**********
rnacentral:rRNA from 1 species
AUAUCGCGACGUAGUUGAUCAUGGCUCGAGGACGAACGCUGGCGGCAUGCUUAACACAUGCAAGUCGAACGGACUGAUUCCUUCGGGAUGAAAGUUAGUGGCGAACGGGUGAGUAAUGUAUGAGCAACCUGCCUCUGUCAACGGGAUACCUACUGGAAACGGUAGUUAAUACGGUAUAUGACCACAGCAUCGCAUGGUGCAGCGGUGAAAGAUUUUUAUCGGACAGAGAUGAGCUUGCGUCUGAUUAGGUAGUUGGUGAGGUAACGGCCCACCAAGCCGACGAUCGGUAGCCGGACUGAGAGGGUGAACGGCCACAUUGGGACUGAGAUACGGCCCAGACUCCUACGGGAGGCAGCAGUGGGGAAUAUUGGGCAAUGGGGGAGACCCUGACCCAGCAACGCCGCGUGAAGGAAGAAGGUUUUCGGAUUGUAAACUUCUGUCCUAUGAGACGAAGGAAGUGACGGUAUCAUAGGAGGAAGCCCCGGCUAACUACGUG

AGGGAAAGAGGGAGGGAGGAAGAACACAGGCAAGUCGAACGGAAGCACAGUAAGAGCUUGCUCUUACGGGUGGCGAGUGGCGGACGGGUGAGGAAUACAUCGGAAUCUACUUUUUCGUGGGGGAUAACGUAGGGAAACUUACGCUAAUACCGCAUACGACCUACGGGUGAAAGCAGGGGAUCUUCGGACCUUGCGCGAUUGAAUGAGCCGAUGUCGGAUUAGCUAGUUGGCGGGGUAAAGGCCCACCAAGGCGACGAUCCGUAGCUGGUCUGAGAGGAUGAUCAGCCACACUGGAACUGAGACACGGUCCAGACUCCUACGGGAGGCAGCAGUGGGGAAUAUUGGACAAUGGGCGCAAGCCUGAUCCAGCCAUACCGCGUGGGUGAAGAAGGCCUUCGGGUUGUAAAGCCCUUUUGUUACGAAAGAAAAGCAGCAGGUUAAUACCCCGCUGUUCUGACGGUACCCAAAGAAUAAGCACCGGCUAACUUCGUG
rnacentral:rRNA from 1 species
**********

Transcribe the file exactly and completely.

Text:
rnacentral:rRNA from 1 species
AUAUCGCGACGUAGUUGAUCAUGGCUCGAGGACGAACGCUGGCGGCAUGCUUAACACAUGCAAGUCGAACGGACUGAUUCCUUCGGGAUGAAAGUUAGUGGCGAACGGGUGAGUAAUGUAUGAGCAACCUGCCUCUGUCAACGGGAUACCUACUGGAAACGGUAGUUAAUACGGUAUAUGACCACAGCAUCGCAUGGUGCAGCGGUGAAAGAUUUUUAUCGGACAGAGAUGAGCUUGCGUCUGAUUAGGUAGUUGGUGAGGUAACGGCCCACCAAGCCGACGAUCGGUAGCCGGACUGAGAGGGUGAACGGCCACAUUGGGACUGAGAUACGGCCCAGACUCCUACGGGAGGCAGCAGUGGGGAAUAUUGGGCAAUGGGGGAGACCCUGACCCAGCAACGCCGCGUGAAGGAAGAAGGUUUUCGGAUUGUAAACUUCUGUCCUAUGAGACGAAGGAAGUGACGGUAUCAUAGGAGGAAGCCCCGGCUAACUACGUG

AGGGAAAGAGGGAGGGAGGAAGAACACAGGCAAGUCGAACGGAAGCACAGUAAGAGCUUGCUCUUACGGGUGGCGAGUGGCGGACGGGUGAGGAAUACAUCGGAAUCUACUUUUUCGUGGGGGAUAACGUAGGGAAACUUACGCUAAUACCGCAUACGACCUACGGGUGAAAGCAGGGGAUCUUCGGACCUUGCGCGAUUGAAUGAGCCGAUGUCGGAUUAGCUAGUUGGCGGGGUAAAGGCCCACCAAGGCGACGAUCCGUAGCUGGUCUGAGAGGAUGAUCAGCCACACUGGAACUGAGACACGGUCCAGACUCCUACGGGAGGCAGCAGUGGGGAAUAUUGGACAAUGGGCGCAAGCCUGAUCCAGCCAUACCGCGUGGGUGAAGAAGGCCUUCGGGUUGUAAAGCCCUUUUGUUACGAAAGAAAAGCAGCAGGUUAAUACCCCGCUGUUCUGACGGUACCCAAAGAAUAAGCACCGGCUAACUUCGUG
rnacentral:rRNA from 1 species